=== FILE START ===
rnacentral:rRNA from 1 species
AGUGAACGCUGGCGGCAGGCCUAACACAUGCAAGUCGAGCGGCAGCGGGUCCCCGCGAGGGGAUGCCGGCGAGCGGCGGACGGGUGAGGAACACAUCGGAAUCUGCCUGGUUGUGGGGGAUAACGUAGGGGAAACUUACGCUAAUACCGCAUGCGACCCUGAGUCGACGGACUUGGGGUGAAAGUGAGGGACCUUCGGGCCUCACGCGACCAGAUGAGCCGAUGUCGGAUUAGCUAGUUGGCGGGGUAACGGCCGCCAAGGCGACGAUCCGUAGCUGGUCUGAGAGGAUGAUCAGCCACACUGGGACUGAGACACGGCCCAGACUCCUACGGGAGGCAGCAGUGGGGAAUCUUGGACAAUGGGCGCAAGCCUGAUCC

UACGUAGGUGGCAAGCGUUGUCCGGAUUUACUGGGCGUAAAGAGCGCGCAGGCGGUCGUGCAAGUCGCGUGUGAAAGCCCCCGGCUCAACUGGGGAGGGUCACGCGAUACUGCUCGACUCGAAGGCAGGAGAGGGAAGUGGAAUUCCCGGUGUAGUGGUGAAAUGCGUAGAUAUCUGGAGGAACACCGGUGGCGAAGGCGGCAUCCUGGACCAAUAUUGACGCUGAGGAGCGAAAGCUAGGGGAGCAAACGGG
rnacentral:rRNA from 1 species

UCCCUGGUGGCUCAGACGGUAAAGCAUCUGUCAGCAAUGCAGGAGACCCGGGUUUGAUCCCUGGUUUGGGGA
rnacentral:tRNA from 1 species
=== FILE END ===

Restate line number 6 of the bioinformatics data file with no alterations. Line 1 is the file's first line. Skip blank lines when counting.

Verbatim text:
rnacentral:tRNA from 1 species